- The market didn’t respond positively to early earnings reports and suffered its worst week of the year. This may set a precedent for next week as earnings releases are set to pick up.
- The S&P 500 is arguably still overbought in the short term and could be vulnerable to profit taking after the rally in the first quarter.
Tags: Amp, Discretion, Earnings Releases, Earnings Reports, Economic Weakness, energy sector, European Concerns, Financial Sector, First Quarter, Global Economic Slowdown, Hewlett Packard, Homebuilders, Industry Group, Market Radar, Miss Opportunity, Safeway, Short squeeze, Southern Europe, Starbucks, Supervalu
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Monday, November 7th, 2011
The past five weeks have witnessed stock market rallies of breathtaking proportions. At this juncture, the pressing question is whether the recovery would be sustainable, i.e. are we back in a cyclical bull market. Let’s turn to Arthur Hill of StockCharts.com to cast light on this issue.
Hill said: “It is of our opinion, that it [the stock market rally] does have ‘legs’, and it does so given the Financials (XLF) are rallying … but more importantly – the Homebuilders (XHB) are leading the rally. And, we think the XHB shall continue leading and actually do better than anyone anticipates at this juncture.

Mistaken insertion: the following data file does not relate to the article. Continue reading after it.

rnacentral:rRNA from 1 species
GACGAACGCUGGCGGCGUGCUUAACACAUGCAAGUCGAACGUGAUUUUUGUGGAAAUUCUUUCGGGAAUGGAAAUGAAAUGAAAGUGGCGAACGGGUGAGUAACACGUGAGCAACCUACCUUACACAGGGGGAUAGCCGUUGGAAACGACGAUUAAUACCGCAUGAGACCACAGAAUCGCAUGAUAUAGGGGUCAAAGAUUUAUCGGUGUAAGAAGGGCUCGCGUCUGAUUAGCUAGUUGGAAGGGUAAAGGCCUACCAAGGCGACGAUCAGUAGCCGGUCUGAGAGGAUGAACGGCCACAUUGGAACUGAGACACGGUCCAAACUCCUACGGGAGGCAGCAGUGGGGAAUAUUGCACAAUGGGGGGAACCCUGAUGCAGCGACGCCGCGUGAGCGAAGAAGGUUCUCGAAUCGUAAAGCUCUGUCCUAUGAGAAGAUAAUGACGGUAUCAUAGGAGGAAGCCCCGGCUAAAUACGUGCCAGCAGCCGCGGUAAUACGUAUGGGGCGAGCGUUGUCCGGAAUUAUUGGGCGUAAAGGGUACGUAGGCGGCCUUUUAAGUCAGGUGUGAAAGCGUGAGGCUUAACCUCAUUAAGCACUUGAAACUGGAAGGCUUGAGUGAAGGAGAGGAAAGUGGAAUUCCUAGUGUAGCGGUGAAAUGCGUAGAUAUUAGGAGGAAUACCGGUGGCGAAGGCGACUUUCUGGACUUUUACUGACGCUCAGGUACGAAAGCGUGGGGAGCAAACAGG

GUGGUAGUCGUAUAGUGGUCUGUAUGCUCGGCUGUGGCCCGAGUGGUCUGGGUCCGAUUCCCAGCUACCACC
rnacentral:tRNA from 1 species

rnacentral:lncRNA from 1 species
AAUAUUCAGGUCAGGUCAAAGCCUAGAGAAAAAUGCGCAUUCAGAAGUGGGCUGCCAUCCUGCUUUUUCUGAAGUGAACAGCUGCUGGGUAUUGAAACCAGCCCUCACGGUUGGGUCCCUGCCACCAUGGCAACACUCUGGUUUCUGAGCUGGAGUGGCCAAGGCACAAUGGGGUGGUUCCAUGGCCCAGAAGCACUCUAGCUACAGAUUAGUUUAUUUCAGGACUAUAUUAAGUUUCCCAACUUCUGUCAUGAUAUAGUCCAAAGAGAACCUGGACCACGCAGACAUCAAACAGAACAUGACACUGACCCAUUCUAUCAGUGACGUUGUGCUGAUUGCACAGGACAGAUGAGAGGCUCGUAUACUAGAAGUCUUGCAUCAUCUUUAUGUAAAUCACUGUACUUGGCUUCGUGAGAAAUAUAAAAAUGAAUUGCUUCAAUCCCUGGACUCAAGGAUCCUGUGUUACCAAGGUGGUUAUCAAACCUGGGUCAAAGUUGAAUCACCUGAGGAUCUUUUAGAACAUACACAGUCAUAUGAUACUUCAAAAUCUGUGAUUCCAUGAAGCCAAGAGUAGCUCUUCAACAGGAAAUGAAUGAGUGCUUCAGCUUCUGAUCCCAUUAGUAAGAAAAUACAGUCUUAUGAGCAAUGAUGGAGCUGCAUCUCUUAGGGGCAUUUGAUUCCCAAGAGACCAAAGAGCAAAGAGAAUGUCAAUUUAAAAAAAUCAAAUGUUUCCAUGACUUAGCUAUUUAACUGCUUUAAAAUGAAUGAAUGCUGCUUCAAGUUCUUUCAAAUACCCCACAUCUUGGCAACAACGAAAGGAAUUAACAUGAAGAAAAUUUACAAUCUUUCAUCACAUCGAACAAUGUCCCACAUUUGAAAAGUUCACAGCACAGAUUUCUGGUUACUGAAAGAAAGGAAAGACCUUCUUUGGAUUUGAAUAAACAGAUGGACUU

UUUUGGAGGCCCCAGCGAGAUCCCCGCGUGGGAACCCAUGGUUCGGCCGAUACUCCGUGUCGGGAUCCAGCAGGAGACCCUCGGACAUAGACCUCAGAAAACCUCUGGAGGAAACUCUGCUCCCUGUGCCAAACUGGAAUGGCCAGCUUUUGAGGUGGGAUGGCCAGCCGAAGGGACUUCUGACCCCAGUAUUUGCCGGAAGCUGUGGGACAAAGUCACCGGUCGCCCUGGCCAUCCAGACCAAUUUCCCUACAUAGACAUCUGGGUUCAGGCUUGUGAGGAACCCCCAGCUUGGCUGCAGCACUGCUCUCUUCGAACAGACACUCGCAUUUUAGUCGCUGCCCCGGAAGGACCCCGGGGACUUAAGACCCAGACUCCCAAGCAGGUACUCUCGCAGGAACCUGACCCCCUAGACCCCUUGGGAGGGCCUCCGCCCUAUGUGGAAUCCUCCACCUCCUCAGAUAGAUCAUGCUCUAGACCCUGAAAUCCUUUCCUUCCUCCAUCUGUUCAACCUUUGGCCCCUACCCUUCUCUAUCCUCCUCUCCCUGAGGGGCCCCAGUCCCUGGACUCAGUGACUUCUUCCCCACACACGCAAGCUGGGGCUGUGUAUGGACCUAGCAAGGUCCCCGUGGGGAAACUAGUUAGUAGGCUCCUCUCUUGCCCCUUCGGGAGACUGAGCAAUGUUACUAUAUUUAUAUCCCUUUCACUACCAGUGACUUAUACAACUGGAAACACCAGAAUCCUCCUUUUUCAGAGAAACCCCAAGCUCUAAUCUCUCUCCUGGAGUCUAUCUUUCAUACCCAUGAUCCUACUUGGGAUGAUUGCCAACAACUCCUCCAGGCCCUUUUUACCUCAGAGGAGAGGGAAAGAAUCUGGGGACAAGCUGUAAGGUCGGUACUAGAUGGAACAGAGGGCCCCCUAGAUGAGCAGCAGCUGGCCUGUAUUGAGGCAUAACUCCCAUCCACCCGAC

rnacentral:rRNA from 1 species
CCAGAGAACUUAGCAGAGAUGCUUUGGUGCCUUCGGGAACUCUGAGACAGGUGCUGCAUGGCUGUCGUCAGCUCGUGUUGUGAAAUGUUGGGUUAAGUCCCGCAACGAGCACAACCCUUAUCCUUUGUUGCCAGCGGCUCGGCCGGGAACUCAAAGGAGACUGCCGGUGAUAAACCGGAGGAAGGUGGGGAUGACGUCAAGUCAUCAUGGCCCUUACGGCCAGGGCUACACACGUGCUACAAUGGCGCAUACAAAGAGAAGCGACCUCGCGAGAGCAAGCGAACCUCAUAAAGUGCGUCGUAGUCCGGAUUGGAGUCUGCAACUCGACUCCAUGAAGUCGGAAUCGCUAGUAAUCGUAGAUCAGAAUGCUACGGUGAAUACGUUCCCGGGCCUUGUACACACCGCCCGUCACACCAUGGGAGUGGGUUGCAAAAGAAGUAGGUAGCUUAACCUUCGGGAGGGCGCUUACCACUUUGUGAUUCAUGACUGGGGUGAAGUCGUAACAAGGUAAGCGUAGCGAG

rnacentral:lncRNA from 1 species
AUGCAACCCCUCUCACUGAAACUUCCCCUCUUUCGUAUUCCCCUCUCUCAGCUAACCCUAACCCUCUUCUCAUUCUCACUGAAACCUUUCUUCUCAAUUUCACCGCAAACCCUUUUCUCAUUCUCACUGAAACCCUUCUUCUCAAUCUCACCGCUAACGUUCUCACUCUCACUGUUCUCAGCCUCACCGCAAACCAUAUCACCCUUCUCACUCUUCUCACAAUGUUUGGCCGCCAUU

“The ‘head & shoulders’ bottom on the weekly chart is very clear; although it is not yet confirmed. However, the 30-week moving average is on the verge of being given, with the 20-week stochastic turning higher through it’s trigger point. Again, in the past, this has resulted in a sustained rally – and if neckline resistance is violated as we believe it shall be – then targets in the range of $27.50 to $37.50 come into view. This is certainly not the consensus view, but as they say – ‘every dog has its day’.
“Therefore, any weakness broader market in the days ahead can be used to consider long positions.”
Source: Arthur Hill, Stockcharts.com, November 5, 2011.
Tags: Amp, Arthur Hill, Consensus View, Head Shoulders, Homebuilders, Juncture, Legs, Market Rallies, Market Rally, Moving Average, Neckline, Proportions, Resistance, Stock Market, Stockcharts, Stocks, Targets, Trigger Point, Verge, Xhb, Xlf
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Friday, June 24th, 2011
Two top investment pros. BlackRock’s Chief Equity Strategist and respected mutual fund manager, Bob Doll, and Morgan Stanley’s Chief Investment Strategist and asset allocation master, David Darst will discuss where to diversify your portfolios globally.
Consuelo Mack WealthTrack – June 17, 2011
CONSUELO MACK: This week on WealthTrack, two top investment pros defy the naysayers and present the positive case for the U.S. economy and markets. BlackRock’s Chief Equity Strategist and respected fund manager Bob Doll and Morgan Stanley’s Chief Investment Strategist and asset allocation master David Darst take on the pessimists, next on Consuelo Mack WealthTrack.